Ministers have agreed to relax travel restrictions for a number of European countries, after the second day of late night discussions to come up with a new hybrid border strategy. The move comes amid a rising number of coronavirus cases in general across Europe.
Although full details of the whole scheme won’t be announced until Friday morning, several ministers spoke to journalists outside House of the Estates in Helsinki on Thursday night to outline the main points of the scheme.
From 19th September travel to Finland for any reason, without a recommendation for self-isolation will be allowed from countries where there’s been up to 20 confirmed Covid-19 cases per 100,000 population in the previous two weeks. Finland’s current bar is much lower than that, at just 8-10 positive tests per 100,000 population.
“From Saturday next week it is possible to travel to Finland from Sweden and Germany without quaraintine” says Interior Minister Maria Ohisalo (Green).
“Finland will continue border checks at the country’s internal [Schengen] borders until 22nd November, so that there is time to prepare a new entry model based on coronavirus testing” she adds.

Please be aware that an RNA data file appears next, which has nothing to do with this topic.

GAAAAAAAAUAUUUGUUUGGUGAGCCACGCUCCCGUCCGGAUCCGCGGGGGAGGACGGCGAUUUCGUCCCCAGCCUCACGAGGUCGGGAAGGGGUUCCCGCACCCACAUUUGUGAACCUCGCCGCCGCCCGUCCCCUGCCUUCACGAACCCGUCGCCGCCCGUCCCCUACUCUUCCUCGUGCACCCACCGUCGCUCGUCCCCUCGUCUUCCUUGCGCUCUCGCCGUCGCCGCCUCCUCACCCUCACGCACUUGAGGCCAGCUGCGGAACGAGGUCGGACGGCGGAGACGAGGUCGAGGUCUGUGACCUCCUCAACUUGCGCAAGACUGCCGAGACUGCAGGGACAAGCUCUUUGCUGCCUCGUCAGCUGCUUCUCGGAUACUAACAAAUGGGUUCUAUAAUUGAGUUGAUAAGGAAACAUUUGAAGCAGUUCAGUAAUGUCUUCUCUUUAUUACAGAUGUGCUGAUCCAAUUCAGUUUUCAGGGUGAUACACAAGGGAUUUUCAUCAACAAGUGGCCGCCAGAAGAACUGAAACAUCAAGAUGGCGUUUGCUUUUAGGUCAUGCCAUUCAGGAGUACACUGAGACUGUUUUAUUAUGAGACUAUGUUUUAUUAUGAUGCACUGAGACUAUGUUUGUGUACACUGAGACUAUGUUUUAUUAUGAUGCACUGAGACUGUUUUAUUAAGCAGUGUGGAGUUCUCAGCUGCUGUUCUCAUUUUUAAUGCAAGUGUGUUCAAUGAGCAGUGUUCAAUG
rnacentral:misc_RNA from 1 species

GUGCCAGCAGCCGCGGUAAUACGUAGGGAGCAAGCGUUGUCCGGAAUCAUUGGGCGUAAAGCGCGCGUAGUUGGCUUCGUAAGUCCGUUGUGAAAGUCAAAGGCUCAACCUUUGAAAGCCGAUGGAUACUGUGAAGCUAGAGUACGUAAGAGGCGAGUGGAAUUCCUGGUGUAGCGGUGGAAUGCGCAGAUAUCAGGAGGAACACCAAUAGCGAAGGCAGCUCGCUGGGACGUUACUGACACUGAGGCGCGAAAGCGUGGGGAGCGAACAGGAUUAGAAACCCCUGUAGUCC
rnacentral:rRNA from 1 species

It’s likely that in the next few months travel to Finland from a country with a higher rate of infection than 25 will be possible with proof of a negative coronavirus test: the ‘test-to-travel’ model.
“This is important for Finland in terms of business travel and also a big issue for Finnair, which is now in a different competitive situation than other European countries” says Minister for Economic Affairs Mika Lintilä (Centre).
Some countries which still do not fall into the new category for travel include the UK, France, Croatia, Italy, Spain, Portugal and Greece.
Estonia exceeds the current low limit, and the new higher limit, but there has been no official word if or when travel from Estonia will be restricted again.